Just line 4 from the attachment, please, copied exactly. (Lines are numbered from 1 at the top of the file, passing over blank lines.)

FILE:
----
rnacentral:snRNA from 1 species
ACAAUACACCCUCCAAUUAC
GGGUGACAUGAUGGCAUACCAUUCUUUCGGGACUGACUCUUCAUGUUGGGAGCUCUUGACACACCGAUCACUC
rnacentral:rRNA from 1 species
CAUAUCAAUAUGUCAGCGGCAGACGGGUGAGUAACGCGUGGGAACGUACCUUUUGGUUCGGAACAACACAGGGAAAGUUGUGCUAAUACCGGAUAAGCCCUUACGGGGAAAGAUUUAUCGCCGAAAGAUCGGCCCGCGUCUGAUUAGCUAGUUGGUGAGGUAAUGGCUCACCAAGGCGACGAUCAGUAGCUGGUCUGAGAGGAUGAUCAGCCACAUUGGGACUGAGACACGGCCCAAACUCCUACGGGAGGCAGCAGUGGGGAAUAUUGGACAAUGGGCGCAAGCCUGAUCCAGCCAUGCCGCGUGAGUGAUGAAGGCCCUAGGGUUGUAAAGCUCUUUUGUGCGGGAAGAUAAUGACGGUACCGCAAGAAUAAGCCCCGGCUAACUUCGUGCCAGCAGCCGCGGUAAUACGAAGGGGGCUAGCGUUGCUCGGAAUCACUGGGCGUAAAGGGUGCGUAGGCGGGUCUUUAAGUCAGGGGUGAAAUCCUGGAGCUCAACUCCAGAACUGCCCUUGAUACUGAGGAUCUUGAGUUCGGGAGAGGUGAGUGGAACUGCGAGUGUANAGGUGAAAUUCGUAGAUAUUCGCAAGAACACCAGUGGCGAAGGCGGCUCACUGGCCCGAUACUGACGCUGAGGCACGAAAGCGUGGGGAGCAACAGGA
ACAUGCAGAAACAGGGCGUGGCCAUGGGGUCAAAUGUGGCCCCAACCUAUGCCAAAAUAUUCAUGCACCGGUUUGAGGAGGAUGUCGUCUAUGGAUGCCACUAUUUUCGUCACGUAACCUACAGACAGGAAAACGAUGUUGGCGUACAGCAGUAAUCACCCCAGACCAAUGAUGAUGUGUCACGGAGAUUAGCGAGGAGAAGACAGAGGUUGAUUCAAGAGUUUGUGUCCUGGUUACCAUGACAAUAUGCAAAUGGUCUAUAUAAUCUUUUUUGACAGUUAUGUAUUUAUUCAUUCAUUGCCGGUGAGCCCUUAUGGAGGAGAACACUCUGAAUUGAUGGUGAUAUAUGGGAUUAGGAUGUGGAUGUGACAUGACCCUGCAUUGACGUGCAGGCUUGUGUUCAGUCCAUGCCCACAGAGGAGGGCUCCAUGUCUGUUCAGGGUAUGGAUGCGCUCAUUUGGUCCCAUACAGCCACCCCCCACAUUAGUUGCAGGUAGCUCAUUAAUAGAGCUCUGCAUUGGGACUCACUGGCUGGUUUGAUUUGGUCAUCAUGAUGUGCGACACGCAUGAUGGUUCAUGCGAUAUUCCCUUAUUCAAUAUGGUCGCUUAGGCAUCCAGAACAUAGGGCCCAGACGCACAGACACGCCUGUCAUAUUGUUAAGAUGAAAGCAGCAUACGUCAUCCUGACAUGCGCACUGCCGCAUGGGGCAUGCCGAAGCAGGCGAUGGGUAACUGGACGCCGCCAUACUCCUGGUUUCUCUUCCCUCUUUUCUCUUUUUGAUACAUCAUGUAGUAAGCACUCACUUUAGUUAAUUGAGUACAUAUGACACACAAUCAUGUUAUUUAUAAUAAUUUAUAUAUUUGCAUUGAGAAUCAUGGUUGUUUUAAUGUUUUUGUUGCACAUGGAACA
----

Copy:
rnacentral:rRNA from 1 species